Josephine and Bubba Gentry’s grocery store was a fixture on Natchez Street when Evelyn Hickerson was growing up. As the daughter of the proprietors, she saw life happen there every day – the struggles and successes, the highs and lows that played out before her eyes among family and neighbors. It was a time when a shopkeeper at the corner store could make a difference for a friend in need, and didn’t hesitate. 

The apple doesn’t fall far from the tree, and that giving gene sprouted in Hickerson. She would be a teacher, living and working within a mile or so of that old grocery store long after it had closed. 

A long-time reading instructor at Johnson Elementary School, Hickerson bought the property years later, with the hopes of someday offering tutoring for neighborhood kids there who needed a little after-school help. What has blossomed from that idea, she says, is far beyond what she could have envisioned. 

“I lost my mother in 2007 and she left me a small inheritance, so my husband and I used part of that to send some family members to college and some as seed money for what we named Gentry’s Educational Foundation,” she says. “We started with 15 kids that summer out of our home, and the (now retired) principal at Johnson Elementary, Jan Cochran, suggested the program be housed at the school.”

With expanded resources, the support of the Franklin Special School District and a bevy of passionate volunteer teachers, the summer program grew quickly into after-school tutoring, then enrichment. Forty kids turned into 100 or more, the Foundation became a 501(c)3, and grantmakers started noticing: kids on the path to being left behind were closing the educational gap.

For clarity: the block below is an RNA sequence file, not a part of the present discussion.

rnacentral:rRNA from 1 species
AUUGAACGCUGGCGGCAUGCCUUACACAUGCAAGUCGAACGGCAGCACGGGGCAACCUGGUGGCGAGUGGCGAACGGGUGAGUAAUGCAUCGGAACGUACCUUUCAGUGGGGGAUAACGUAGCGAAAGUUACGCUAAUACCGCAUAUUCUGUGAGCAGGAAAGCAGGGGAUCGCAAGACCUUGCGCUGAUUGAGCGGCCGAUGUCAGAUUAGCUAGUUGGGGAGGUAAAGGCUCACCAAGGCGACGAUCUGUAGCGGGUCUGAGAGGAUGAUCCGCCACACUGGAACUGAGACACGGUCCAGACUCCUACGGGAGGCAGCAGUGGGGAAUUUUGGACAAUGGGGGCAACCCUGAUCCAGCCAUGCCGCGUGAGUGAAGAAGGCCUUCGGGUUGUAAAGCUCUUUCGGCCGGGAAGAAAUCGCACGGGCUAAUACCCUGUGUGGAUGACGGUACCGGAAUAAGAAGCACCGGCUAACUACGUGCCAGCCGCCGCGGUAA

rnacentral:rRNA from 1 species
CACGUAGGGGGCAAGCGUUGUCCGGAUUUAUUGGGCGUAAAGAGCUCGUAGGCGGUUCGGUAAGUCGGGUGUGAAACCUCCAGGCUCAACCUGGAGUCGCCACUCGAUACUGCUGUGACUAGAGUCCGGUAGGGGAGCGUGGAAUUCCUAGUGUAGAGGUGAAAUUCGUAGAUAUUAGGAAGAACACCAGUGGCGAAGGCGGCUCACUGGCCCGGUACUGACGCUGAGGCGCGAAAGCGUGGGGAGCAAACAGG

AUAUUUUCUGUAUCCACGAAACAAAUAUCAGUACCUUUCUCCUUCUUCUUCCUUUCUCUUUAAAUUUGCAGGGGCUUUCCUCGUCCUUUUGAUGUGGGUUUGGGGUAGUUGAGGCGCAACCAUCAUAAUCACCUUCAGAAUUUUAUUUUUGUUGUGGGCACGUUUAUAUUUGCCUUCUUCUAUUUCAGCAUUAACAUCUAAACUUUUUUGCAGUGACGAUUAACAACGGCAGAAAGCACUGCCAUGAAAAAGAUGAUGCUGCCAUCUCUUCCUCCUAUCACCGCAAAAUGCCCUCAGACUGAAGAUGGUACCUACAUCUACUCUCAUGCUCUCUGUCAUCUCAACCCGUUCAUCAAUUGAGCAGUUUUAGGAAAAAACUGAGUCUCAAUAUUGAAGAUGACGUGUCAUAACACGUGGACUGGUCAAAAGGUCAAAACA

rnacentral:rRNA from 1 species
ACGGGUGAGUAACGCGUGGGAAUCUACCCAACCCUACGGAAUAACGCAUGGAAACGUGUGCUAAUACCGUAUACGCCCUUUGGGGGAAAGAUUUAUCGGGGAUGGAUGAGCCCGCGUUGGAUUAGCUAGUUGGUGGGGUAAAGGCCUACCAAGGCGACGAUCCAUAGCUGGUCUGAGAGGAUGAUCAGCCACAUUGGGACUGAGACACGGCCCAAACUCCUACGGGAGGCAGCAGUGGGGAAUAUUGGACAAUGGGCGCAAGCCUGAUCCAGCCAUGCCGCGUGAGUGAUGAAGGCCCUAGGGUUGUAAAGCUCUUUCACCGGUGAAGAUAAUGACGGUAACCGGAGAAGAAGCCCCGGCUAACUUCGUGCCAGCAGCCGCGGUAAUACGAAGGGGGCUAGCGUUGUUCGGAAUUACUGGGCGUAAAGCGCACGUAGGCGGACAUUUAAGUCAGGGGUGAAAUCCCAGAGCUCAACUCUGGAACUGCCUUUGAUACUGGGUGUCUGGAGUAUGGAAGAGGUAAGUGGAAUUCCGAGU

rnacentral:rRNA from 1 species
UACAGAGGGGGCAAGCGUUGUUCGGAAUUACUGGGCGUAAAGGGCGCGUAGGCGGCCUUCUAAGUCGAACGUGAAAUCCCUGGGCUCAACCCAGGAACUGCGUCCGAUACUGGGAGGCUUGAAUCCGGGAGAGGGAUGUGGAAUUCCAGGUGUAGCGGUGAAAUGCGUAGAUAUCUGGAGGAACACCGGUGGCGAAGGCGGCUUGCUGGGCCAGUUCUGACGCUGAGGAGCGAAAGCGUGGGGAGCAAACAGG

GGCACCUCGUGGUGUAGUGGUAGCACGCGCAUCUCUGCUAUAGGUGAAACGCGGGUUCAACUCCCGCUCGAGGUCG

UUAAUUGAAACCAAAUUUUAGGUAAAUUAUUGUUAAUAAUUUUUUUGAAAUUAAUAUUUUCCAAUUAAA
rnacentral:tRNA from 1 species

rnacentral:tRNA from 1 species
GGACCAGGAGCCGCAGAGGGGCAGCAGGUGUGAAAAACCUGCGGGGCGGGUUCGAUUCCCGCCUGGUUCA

“The outcomes were incredible – children were going from below basic to proficient and advanced, and people were inspired,” says Erin Lefkovitz, a teacher who volunteered that first summer before becoming Hickerson’s assistant, and now serves as the Foundation’s assistant executive director and data analyst. “I remember thinking this is how school should be. They had piano and cooking classes, science and drama … the kids were learning, but they were having so much fun.”

Four years later, Gentry’s Educational Foundation works with nearly 300 children a year, having broadened their reach beyond Johnson to Freedom Intermediate and the Green Street Church of God in the Hard Bargain neighborhood, across the street from the program’s home base. Referrals come from across the district, and the staff is comprised of the same teachers the children see in the classroom during the school day. Johnson Principal Tosha Baugh and the director of schools, Dr. David Snowden, have embraced the concept, allowing it to make a difference for more students each year.

“Mrs. Hickerson and all of the teachers involved with Gentry’s are truly dedicated to the success of every child, and the school district is very proud and appreciative of all that has been accomplished under her leadership,” Snowden says. “She is the consummate professional educator, and she’s made it her mission to provide young people with the assistance to maximize their opportunity in both the classroom and the community.”